The race to represent Northern Virginia's 11th Congressional District features a five-term Republican incumbent who prides himself on delivering for his constituents and a Democratic newcomer who hopes to replace him, in part by riding on John F. Kerry's coattails.
Democrat Ken Longmyer, 66, a retired foreign service officer, wrote himself in on the ballot on Election Day two years ago when he saw that Rep. Thomas M. Davis III had no party opposition. He pledged to challenge Davis this year if no other Democrat stepped forward. Although fundraising has been lopsided in favor of Davis, the challenger has run a spirited campaign, stressing Bush administration policies he disagrees with and calling Davis a conservative in moderate's clothing.
Davis, 55, is one of Northern Virginia's best-known political figures. He has been reelected by wide margins in the Republican-leaning district. Democrats did not field anyone against him in two of the last three elections. But he says he is taking nothing for granted in his race against Longmyer.
He has crisscrossed the district's neighborhoods of central Fairfax and western Prince William counties, squeezing in dozens of appearances, from a day-care center to a high school homecoming parade.
Davis points to a busy term serving as head of the House Committee on Government Reform, the starting point for several new laws that affect thousands of his constituents: government workers and government contractors.
Davis will also face Green Party candidate Joseph P. Oddo, a freelance writer and sales consultant, on Tuesday.
Davis and Longmyer have debated several times, diverging on issues such as the war in Iraq, the Bush tax cuts and the new Medicare prescription drug plan, which Davis supported and Longmyer criticizes as inadequate. Longmyer has attacked Davis for voting with the leadership of the GOP-controlled House of Representatives on many issues, votes he said do not represent the more moderate views of the 11th District.
"Half of my campaign is to say, 'Do you really know Tom Davis?' " Longmyer said. The other half is to appeal to voters who support Kerry, the U.S. senator from Massachusetts who is the Democratic presidential nominee.
Davis notes that he has broken with the GOP majority on social issues such as gun control, stem cell research and abortion rights, which he supports, as well as some environmental issues, including oil drilling in the Arctic National Wildlife Refuge, which he opposed. He says Longmyer has not shown a strong record of involvement in his community. "If you're a liberal Democrat and you want a Kerry clone, he's your guy," Davis said, calling himself "a prolific legislator and a doer."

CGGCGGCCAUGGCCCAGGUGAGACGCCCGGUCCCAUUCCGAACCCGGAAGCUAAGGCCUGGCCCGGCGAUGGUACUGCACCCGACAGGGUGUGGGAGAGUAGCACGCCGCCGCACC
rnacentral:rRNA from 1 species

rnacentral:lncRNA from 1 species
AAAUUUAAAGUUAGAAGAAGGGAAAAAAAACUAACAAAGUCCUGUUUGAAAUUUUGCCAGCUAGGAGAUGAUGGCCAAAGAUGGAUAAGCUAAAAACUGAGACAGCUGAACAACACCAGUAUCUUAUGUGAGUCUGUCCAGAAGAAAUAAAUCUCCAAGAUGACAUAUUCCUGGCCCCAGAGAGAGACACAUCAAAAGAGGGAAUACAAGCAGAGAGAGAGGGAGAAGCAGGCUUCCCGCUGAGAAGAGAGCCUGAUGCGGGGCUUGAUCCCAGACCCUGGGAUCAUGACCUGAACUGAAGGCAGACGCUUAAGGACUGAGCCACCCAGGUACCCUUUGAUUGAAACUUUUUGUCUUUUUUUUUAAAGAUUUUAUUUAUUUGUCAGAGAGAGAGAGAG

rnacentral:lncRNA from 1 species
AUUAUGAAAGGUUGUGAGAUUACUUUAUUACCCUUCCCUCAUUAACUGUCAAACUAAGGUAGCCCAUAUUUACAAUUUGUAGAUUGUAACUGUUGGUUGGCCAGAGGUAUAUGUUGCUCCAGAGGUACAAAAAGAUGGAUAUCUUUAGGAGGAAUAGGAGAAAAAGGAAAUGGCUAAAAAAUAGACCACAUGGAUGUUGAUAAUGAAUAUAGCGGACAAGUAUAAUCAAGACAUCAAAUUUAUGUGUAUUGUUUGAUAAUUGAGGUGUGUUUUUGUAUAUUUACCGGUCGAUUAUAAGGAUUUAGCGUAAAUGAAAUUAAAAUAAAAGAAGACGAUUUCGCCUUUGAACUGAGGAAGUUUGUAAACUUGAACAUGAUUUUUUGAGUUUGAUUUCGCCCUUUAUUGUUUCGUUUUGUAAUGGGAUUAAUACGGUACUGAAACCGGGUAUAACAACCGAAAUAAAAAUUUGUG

Davis lives in Vienna, Longmyer in the Sleepy Hollow area outside Falls Church. While Davis has been serving constituents in politics for 25 years, first as a Fairfax County supervisor and then as board chairman, Longmyer has served as a diplomat in Israel, Sweden and Germany.
Before his retirement from the State Department last spring, Longmyer held several domestic posts. He was an adviser on Bosnian peace implementation in the Clinton administration and more recently was special assistant on U.N. counterterrorism and on homeland security.
Davis, meanwhile, was named to head the Committee on Government Reform after a four-year run leading the House Republicans' fundraising committee.
Davis stresses his work securing federal transportation money to rebuild the Woodrow Wilson Bridge, widen Route 123 and launch engineering work for an extension of Metrorail to Reston.
He also notes that he helped push legislation through Congress giving federal workers a pay raise. And he cites his successful efforts to help close the former federal prison at Lorton and transfer 2,300 acres to Fairfax for open space, a school and a housing development. He highlights those accomplishments in a television ad running in Northern Virginia markets.
Longmyer said he would fight for more generous prescription drug benefits for the elderly, a reduced federal deficit, stronger laws to protect the environment and full funding of the No Child Left Behind law, Bush's signature education program.
He has criticized Davis for taking campaign contributions from drug companies as he voted for the new law expanding Medicare coverage of prescription drugs, which does not allow the government to negotiate lower prices with the industry. Davis said he believes that free market forces are the best way to keep prices low.